FAYETTEVILLE -- The United States swept the Thorpe Cup's top three scoring places against Germany in both the men's decathlon and women's heptathlon Friday and Saturday at the University of Arkansas' John McDonnell Field.
The two-day meet weather delayed to a Saturday night ending marked the 11th year of the Thorpe Cup annually pitting the U.S. against Germany in the decathlon and heptathlon and annually alternating with U.S. and German hosts.
The U.S. men's team, paced by the gold, silver and bronze finish of Scott Fillip, Harrison Williams and Solomone Simmons totaling 7,871, 7,849 and 7,775 points over the decathlon's 100-meter dash, long jump, shot put, high jump, 400, 110 hurdles, discus, pole vault, javelin and 1,500, defeated the German decathletes 38,845 to 37,427.
U.S. decathletes Kurtis Brondyke and Mitch Modin tallied 7,695 and 7,669 before sixth-place Tim Nowak, 7,615, became Germany's first scorer.
The U.S. women prevailed 18,330 to 16,421 with five outscoring Germany's top scorer.
Chantae McMillan, a meet-record 6,260 points for the heptathlon's 100 hurdles, high jump, shot put, 200, long jump, javelin and 800; Lindsay Lettow, 6,098; and Lindsay Schwartz, 5,962; scored first through third for the U.S. women with Alison Reaser fourth at 5,962.
Competing as a non-scoring guest for the U.S. team, just-graduated Razorbacks all-American heptathlete Alex Gochenour also outpointed all the German entrants with 5,749, which would have been fifth place.
Germany took the next three places with Sophie Hamann and Lea Menzel each tallying 5,442, and Anna-Lena Obermaier scoring 5,437.
Gochenour's 13.13 seconds winning Friday's 100 hurdles set a John McDonnell Field record. It marked Gochenour's first professional meet having competed in an Arkansas jersey at the U.S. Olympic trials after her fourth-place All-American finish helped coach Lance Harter's Razorbacks win the NCAA outdoor championship in June at Eugene, Ore.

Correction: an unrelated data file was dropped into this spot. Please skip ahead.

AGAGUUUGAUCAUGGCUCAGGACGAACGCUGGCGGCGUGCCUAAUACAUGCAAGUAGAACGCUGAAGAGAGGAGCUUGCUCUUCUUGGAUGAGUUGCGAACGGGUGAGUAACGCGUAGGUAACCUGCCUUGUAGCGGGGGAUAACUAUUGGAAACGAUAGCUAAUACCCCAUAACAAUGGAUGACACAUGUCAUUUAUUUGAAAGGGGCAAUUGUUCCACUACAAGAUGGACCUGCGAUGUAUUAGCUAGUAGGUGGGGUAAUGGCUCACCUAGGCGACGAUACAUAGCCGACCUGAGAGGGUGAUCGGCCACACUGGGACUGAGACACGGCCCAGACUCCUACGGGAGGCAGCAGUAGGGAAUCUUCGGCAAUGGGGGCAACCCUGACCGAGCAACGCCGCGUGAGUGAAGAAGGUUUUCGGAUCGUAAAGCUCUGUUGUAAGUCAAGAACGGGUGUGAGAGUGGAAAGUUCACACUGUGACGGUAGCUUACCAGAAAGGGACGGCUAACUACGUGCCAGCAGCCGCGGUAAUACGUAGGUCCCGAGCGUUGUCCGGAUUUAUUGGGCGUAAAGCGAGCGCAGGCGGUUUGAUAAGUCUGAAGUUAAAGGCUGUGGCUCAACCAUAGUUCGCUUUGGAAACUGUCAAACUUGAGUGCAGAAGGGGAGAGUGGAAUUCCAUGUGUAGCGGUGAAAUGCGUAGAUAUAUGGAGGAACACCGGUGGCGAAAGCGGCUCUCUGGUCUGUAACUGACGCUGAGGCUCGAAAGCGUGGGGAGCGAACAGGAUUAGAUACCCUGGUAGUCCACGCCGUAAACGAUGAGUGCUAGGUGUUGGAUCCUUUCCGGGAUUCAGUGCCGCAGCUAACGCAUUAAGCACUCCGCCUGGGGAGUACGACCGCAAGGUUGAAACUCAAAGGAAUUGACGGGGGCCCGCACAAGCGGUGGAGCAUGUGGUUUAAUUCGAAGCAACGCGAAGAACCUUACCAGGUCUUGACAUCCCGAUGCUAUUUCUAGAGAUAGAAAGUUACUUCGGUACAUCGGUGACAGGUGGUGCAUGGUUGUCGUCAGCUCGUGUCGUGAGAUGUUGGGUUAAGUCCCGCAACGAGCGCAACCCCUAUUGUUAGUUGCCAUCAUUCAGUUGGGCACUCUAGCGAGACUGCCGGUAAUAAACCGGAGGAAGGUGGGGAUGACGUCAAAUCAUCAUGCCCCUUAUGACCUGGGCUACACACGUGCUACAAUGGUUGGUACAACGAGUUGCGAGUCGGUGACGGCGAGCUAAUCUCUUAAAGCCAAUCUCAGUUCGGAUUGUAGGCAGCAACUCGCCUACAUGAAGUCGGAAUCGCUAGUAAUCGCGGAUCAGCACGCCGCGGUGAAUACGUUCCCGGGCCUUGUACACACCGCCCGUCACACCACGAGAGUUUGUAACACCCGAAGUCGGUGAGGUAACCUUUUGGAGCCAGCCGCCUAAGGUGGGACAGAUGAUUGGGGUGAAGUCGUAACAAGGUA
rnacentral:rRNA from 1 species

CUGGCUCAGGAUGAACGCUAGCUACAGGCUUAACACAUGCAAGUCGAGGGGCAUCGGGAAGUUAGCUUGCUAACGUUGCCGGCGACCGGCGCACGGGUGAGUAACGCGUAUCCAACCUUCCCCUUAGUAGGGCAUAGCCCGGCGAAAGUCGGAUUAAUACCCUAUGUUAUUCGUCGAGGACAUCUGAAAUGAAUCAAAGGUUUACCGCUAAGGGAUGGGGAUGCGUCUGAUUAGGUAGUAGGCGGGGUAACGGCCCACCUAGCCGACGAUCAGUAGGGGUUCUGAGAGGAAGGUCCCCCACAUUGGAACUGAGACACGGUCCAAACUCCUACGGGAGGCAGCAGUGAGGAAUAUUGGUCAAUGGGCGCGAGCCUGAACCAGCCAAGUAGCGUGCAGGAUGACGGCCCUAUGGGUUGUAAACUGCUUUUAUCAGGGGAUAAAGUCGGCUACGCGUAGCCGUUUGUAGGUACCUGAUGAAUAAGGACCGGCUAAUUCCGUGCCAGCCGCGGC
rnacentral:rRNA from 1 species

Gochenour's hurdles were the brightest spot for a meet on which she said her long season had taken a toll.
"It wasn't what I wanted, nowhere my personal best of 6,027," Gochenour said. "But to have the opportunity to represent the USA on my home track at the end of my senior year, I don't think you could write a better storybook ending."
Gochenour, of Missouri Valley, Iowa, said she "just didn't have the juice" in the jumps but said with the hurdles: "Ever since I ran my 12.98 at outdoor (Southeastern Conference), I have been in kind of a rut at 13.30, so to run that great time Friday and have the record on my own home track is pretty awesome. I have been pretty banged up. I had a back problem at the Olympic trials, and it kind of flared up on me here today."
She knows she wasn't hurting alone. Heptathletes and decathletes all weather aches and pains in their two-day grind, Gochenour said, making it a more "we're all in this together" competition than competing in track's open events, which for her often is the 100 hurdles.
"We're all in this grueling event trying for personal bests, so at the end of the day you have got to pick each other up," Gochenour said. "You are competitors but you are teammates and friends first. In the open hurdles, you might exchange mean looks and have your game face on where here you are all in it together quite literally."Sports on 08/01/2016